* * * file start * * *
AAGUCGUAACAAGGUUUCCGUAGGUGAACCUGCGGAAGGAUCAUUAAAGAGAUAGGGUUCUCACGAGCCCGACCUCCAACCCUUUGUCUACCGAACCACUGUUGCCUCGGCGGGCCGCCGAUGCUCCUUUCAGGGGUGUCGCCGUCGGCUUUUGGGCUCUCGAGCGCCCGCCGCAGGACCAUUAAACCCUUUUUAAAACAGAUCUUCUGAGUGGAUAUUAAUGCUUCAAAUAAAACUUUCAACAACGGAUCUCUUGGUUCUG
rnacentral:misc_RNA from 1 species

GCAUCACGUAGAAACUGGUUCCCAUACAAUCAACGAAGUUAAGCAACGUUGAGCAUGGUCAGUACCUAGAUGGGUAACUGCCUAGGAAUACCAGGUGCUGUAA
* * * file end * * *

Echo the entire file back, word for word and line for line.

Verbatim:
AAGUCGUAACAAGGUUUCCGUAGGUGAACCUGCGGAAGGAUCAUUAAAGAGAUAGGGUUCUCACGAGCCCGACCUCCAACCCUUUGUCUACCGAACCACUGUUGCCUCGGCGGGCCGCCGAUGCUCCUUUCAGGGGUGUCGCCGUCGGCUUUUGGGCUCUCGAGCGCCCGCCGCAGGACCAUUAAACCCUUUUUAAAACAGAUCUUCUGAGUGGAUAUUAAUGCUUCAAAUAAAACUUUCAACAACGGAUCUCUUGGUUCUG
rnacentral:misc_RNA from 1 species

GCAUCACGUAGAAACUGGUUCCCAUACAAUCAACGAAGUUAAGCAACGUUGAGCAUGGUCAGUACCUAGAUGGGUAACUGCCUAGGAAUACCAGGUGCUGUAA